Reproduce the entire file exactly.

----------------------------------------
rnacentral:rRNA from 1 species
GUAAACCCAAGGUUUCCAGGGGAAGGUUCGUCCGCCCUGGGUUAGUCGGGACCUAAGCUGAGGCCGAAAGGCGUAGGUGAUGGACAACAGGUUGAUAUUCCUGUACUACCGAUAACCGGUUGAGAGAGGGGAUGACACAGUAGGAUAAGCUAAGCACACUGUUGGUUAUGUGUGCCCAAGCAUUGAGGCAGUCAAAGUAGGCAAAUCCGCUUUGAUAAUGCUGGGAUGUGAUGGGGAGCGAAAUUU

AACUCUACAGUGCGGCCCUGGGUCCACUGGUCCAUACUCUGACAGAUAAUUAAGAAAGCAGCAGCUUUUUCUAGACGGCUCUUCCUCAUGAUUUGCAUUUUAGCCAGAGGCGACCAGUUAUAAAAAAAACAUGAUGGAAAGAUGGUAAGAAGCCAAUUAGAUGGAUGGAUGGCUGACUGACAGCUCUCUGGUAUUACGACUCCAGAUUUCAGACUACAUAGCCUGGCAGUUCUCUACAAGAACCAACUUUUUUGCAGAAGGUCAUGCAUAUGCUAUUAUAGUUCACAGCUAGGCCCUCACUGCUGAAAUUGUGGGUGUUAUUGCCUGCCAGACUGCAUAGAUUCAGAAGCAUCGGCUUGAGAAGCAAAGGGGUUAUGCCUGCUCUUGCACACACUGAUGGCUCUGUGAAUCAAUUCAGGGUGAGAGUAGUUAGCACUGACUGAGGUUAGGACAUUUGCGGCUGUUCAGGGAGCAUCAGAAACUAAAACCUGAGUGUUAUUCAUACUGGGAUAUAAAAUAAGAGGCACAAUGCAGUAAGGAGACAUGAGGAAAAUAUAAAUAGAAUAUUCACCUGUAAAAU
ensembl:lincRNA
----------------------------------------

rnacentral:rRNA from 1 species
GUAAACCCAAGGUUUCCAGGGGAAGGUUCGUCCGCCCUGGGUUAGUCGGGACCUAAGCUGAGGCCGAAAGGCGUAGGUGAUGGACAACAGGUUGAUAUUCCUGUACUACCGAUAACCGGUUGAGAGAGGGGAUGACACAGUAGGAUAAGCUAAGCACACUGUUGGUUAUGUGUGCCCAAGCAUUGAGGCAGUCAAAGUAGGCAAAUCCGCUUUGAUAAUGCUGGGAUGUGAUGGGGAGCGAAAUUU

AACUCUACAGUGCGGCCCUGGGUCCACUGGUCCAUACUCUGACAGAUAAUUAAGAAAGCAGCAGCUUUUUCUAGACGGCUCUUCCUCAUGAUUUGCAUUUUAGCCAGAGGCGACCAGUUAUAAAAAAAACAUGAUGGAAAGAUGGUAAGAAGCCAAUUAGAUGGAUGGAUGGCUGACUGACAGCUCUCUGGUAUUACGACUCCAGAUUUCAGACUACAUAGCCUGGCAGUUCUCUACAAGAACCAACUUUUUUGCAGAAGGUCAUGCAUAUGCUAUUAUAGUUCACAGCUAGGCCCUCACUGCUGAAAUUGUGGGUGUUAUUGCCUGCCAGACUGCAUAGAUUCAGAAGCAUCGGCUUGAGAAGCAAAGGGGUUAUGCCUGCUCUUGCACACACUGAUGGCUCUGUGAAUCAAUUCAGGGUGAGAGUAGUUAGCACUGACUGAGGUUAGGACAUUUGCGGCUGUUCAGGGAGCAUCAGAAACUAAAACCUGAGUGUUAUUCAUACUGGGAUAUAAAAUAAGAGGCACAAUGCAGUAAGGAGACAUGAGGAAAAUAUAAAUAGAAUAUUCACCUGUAAAAU
ensembl:lincRNA